(Heterogeneous ARchitectures for NExt-Generation Server Systems)

Servers for the Post-Moore Era

Server architecture is entering an age of heterogeneity, as silicon performance scaling approaches its horizon and the economics of scale enables cost-effective deployment of custom silicon in the datacentre. Traditionally, customized components have been deployed as discrete expansion boards to reduce cost and design complexity to ensure compatibility with rigidly designed CPU silicon and its surrounding infrastructure. A prime example of this pattern is the tethering of todays Remote Direct Memory Access (RDMA) network interface cards to commodity PCIe interconnects. Although using a commodity I/O interconnect has enabled RDMA to be deployed at large scales in today's datacentres, our prior work on the "Scale-Out NUMA" project has shown that judiciously integrating architectural support directly on the CPU silicon provides significant benefits. Namely, integration affords lower RDMA latency and the ability to perform richer operations such as atomic accesses to software objects, and remote procedure calls. The HARNESS project therefore aims at co-designing server silicon with software to support the performance-critical primitives in the datacentre - in particular those pertaining to networked systems and storage stacks.


RPC-Optimized Server Architecture

The complex software stacks which are responsible to deliver today's online services are often structured into numerous tiers, where the interactions between a service’s tiers take the form of Remote Procedure Calls (RPCs). Moreover, due to the vast improvements in networking bandwidths and kernel-bypassed networking, the limits of RPC performance will inevitably end up being dominated by the endpoints themselves. This is especially true as common runtimes of each RPC continue to shrink to the microsecond scale, latencies which are small enough that inefficient hardware can actually begin to impact the RPC's performance. A prime example of this impact is the increased memory latencies brought about from large on-chip interconnects, as well as any NUMA effects brought about by multi-socket servers. In the NEBULA project, we aim to design an RPC-optimized server architecture to address these challenges, enabling RPCs to be delivered to CPU cores with minimal latency. Furthermore, with today's server network cards already delivering bandwidths of 200Gbps, traditional CPU-centric approaches to RPC processing can simply no longer keep up. NEBULA also aims to push the appropriate RPC semantics into the network interface, saving CPU cycles and allowing the server to keep pace with higher packet rates.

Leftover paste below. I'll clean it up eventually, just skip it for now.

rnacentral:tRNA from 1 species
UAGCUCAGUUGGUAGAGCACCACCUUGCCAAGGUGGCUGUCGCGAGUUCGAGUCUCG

Cost-Effective TB-Scale Memory Hierarchy

With DRAM having slowed down in density scaling, the only path forward to improving density in servers is a tighter integration of denser technologies. Solid State Disks (SSDs) offer a 50x density advantage (and cost/capacity) but with also 500x (50us) longer access latency over DRAM. As such, SSDs have historically been treated as storage devices connected as a peripheral and interfaced through a host OS. These legacy interfaces were not designed for the tight tail latency requirements of today’s online services. Therefore, we believe that a careful hardware/software co-design for a tighter integration of SSDs into a host CPU and DRAM cache would enable a substantial increase in density while maintaining tail latency. AstriFlash is a hardware/software co-design to manage a DRAM cache with a mapped SSD. AstriFlash integrates SSDs that are directly mapped into the address space with address translation support in hardware and a DRAM cache that allow for high-bandwidth lookup by CPUs with custom support for miss handling.


M. Sutherland, S. Gupta, B. Falsafi, V. Marathe, D. Pnevmatikatos, and A. Daglis, The NeBuLa RPC-Optimized Architecture, The 47th International Symposium on Computer Architecture (ISCA '20), Valencia, Spain, May 30- June 3, 2020.
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A. Pourhabibi, S. Gupta, H. Kassir, M. Sutherland, Z. Tian, M. Drumond, B. Falsafi, and C. Koch, Optimus Prime: Accelerating Data Transformation in Servers, The 25th International Conference on Architectural Support for Programming Languages and Operating Systems (ASPLOS '20), Lausanne, Switzerland, March 16–20, 2020.
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S. Gupta, A. Daglis, and B. Falsafi, Distributed Logless Atomic Durability with Persistent Memory, The 52nd Annual IEEE/ACM International Symposium on Microarchitecture (MICRO-52), Columbus, OH, USA, October 12–16, 2019.
[detailed record] [bibtex]

A. Daglis, M. Sutherland, and B. Falsafi, RPCValet: NI-Driven Tail-Aware Balancing of µs-Scale RPCs, The 24th International Conference on Architectural Support for Programming Languages and Operating Systems (ASPLOS '19), Providence, Rhode Island, USA, April 13–17, 2019.
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Siddharth Gupta

Yunho Oh

Arash Pourhabibi

Mark Sutherland

Abhishek Bhattacharjee

Babak Falsafi

Peter Hsu